COULD I TAKE HIM?: I would respectfully decline, treat him to tea, and then bash him in the face with the kettle. Eat it, Brits!

8. Audrey Hepburn (1929-1993)

Audrey Hepburn received her fourth distinct award in 1994:

Academy Award - 1953 : Best Actress in a Leading Role - Roman Holiday, Emmy Award - 1993 : Outstanding Individual Achievement, Informational Programming - Gardens of the World with Audrey Hepburn, Grammy Award - 1994 : Best Spoken Word Album for Children - Audrey Hepburn's Enchanted Tales, Tony Award - 1954 : Best Actress in a Drama - Ondine

COULD I TAKE HER?: To dinner, yes. In a fight... oh jeez, that would be breaking, like, thirty rules. Still though, I bet A-Hep's a scrapper (nails, heels, skinny cigarettes, etc.). One arm tied behind my back would make it a fair fight--which I would win.

7. Rita Moreno (1931- )

Rita Moreno received her fourth distinct award in 1977:

Academy Award - 1961 : Best Actress in a Supporting Role - West Side Story, Emmy Award - 1977 : Outstanding Continuing or Single Performance by a Supporting Actress in Variety or Music - The Muppet Show, Grammy Award - 1972 : Best Recording For Children - The Electric Company, Tony Award - 1975 : Best Featured or Supporting Actress in a Play - The Ritz

COULD I TAKE HER?: I actually don't think so. "A boy like that will kill your brother!" Except more like, a girl like this will kill your face.

6. Whoopi Goldberg (1955- )

Academy Award - 1990 : Best Supporting Actress, Ghost, Daytime Emmy Award - 2002 : Outstanding Special Class Special - Beyond Tara: The Extraordinary Life of Hattie McDaniel (Host), Grammy Award - 1985 : Best Comedy Recording - Whoopi Goldberg--Original Broadway Show Recording, Tony Award - 2002 : Best Musical - Thoroughly Modern Millie (Co-Producer)

COULD I TAKE HER?: One shot and down. It's Hollywood's least-kept secret--Whoopi has a glass jaw.

5. Liza Minnelli (1946- )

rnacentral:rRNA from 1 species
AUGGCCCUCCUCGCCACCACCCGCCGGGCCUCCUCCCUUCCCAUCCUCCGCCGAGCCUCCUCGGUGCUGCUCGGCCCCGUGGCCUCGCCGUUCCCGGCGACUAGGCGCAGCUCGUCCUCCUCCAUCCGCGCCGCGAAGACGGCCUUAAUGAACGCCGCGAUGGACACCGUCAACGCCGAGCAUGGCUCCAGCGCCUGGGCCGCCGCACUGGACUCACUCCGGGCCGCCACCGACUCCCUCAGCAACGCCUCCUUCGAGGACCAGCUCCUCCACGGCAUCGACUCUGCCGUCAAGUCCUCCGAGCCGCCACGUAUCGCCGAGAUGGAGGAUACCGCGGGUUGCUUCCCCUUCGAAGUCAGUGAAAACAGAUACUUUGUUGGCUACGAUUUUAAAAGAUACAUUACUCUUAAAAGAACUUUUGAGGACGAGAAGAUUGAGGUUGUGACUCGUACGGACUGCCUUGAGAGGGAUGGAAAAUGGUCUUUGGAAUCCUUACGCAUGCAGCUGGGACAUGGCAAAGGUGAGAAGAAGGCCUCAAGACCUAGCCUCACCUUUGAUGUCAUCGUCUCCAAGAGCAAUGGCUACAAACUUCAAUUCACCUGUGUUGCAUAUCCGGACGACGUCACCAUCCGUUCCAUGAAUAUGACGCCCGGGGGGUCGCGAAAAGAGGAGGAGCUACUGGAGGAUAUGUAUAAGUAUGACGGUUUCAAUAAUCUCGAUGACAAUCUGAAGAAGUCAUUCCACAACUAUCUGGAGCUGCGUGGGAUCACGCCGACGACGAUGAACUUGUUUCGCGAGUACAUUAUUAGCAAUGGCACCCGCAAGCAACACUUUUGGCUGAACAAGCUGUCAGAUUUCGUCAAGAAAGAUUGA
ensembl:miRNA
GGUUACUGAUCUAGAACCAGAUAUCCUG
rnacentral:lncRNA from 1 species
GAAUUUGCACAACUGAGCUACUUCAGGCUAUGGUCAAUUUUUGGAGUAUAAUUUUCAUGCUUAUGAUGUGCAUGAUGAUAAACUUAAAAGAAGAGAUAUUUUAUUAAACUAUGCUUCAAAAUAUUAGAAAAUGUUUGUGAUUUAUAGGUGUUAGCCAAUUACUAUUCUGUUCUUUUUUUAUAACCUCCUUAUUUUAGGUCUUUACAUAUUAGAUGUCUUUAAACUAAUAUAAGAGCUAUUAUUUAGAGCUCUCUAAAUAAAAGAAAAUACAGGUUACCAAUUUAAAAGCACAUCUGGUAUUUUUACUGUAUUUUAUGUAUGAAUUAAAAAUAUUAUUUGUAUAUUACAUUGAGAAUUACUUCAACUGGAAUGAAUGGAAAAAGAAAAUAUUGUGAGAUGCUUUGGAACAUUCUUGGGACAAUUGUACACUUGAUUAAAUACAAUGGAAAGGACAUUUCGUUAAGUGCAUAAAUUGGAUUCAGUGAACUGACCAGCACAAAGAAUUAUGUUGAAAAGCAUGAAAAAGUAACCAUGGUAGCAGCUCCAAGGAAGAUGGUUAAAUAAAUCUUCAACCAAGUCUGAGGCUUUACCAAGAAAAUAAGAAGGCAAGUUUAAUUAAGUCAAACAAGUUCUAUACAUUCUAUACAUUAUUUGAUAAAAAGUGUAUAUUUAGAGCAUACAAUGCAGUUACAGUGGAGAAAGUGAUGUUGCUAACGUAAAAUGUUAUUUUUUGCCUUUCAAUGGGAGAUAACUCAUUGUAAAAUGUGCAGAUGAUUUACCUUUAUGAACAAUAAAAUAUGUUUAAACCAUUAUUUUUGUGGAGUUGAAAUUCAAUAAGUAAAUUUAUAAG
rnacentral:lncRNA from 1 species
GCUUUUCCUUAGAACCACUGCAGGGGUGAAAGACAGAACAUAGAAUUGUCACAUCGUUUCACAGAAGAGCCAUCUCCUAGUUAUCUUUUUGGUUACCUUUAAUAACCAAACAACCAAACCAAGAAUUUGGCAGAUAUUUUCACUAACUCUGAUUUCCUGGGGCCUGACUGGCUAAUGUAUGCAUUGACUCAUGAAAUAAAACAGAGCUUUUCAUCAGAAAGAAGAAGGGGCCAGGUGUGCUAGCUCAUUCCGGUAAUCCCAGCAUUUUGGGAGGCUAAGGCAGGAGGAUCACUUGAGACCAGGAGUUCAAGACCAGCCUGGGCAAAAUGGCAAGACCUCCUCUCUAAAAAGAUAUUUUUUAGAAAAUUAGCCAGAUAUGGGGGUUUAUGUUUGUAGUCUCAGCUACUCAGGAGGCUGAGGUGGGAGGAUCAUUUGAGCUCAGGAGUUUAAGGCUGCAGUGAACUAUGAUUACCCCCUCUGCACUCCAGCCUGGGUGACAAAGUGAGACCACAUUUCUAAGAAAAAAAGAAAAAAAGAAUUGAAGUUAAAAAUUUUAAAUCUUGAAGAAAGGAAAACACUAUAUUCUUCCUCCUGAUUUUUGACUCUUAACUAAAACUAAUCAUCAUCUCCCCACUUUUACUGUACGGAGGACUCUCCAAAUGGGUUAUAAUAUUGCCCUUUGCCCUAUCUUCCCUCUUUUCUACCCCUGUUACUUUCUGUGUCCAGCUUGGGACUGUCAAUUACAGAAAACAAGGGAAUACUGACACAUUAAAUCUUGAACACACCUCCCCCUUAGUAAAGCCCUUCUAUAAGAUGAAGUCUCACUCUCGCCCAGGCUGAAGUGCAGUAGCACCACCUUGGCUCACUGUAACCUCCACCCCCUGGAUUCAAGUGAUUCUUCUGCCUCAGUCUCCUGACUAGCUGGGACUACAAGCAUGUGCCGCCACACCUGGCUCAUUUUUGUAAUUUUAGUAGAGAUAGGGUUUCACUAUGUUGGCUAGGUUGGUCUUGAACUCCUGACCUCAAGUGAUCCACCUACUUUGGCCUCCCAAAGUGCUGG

Academy Award - 1972 : Best Actress in a Leading Role - Cabaret, Emmy Award - 1973 : Outstanding Single Program - Variety and Popular Music - Singer Presents Liza with a 'Z', Grammy Award - 1990 : Special Grammy Award, Grammy Legend Awards.Tony Award - 1965 : Best Actress (Musical) - Flora the Red Menace

COULD I TAKE HER?: Um, obviously not. We all know about the David Gest spousal abuse charges. This is one train I don't want to step in front of.

4. Mel Brooks (1926- )

Mel Brooks received his fourth distinct award in June, 2001:

Academy Award - 1968 : Best Writing, Story and Screenplay Written Directly for the Screen - The Producers, Emmy Award - 1997 : Outstanding Guest Actor in a Comedy Series - Mad About You, Grammy Award - 1998 : Best Spoken Comedy Album - The 2000 Year Old Man In The Year 2000, Tony Award - 2001 : Best Book of a Musical - The Producers

COULD I TAKE HIM?: In actuality, yes. But I'm sure he’d sling some wicked barbs at me as he popped both hips back into place.

3. Mike Nichols (1931- )

Mike Nichols received his fourth distinct award in November, 2001:

Academy Award - 1967 : Best Director - The Graduate, Emmy Award - 2001 : Outstanding Directing for a Miniseries, Movie or a Special - Wit, Grammy Award - 1961 : Best Comedy Performance - An Evening With Mike Nichols And Elaine May, Tony Award - 1964 : Best Director, Dramatic - Barefoot in the Park

COULD I TAKE HIM?: Mike Nichols has been asking for it for years. Therefore, I will give it to him. Anytime, anyplace, I will knock Mike Nichols on his ass. He can name the location, he can pick the weapons--I guarantee that I will F his S up. I will straight-up lay him down on the ground and make him wish he never even met Elaine May. Mike Nichols is a fucking dead man, end of story.

2. Barbra Streisand (1942- )

Academy Award - 1968 : Best Actress in a Leading Role - Funny Girl, Emmy Award - 1965 : Outstanding Individual Achievements in Entertainment - Actors and Performers - My Name is Barbra, Grammy Award - 1963 : Best Vocal Performance, Female - The Barbra Streisand Album, Tony Award - 1970 : Special Tony Award

COULD I TAKE HER?: Dear Lord, no.

1. Richard Rodgers (1902-1979)

Richard Rodgers received his fourth distinct award in 1962:

Academy Award - 1945 : Best Song - "It Might As Well Be Spring" from State Fair, Emmy Award - 1962 : Outstanding Achievement in Original Music Composed - Winston Churchill-The Valiant Years, Grammy Award - 1960 : Best Show Album (Original Cast) - The Sound of Music, Tony Award - 1950 : Best Musical - South Pacific

COULD I TAKE HIM?: Come on... I could never raise arms against a fellow Columbian. This is a draw, through and through. (Although Hammerstein better watch the frig out.)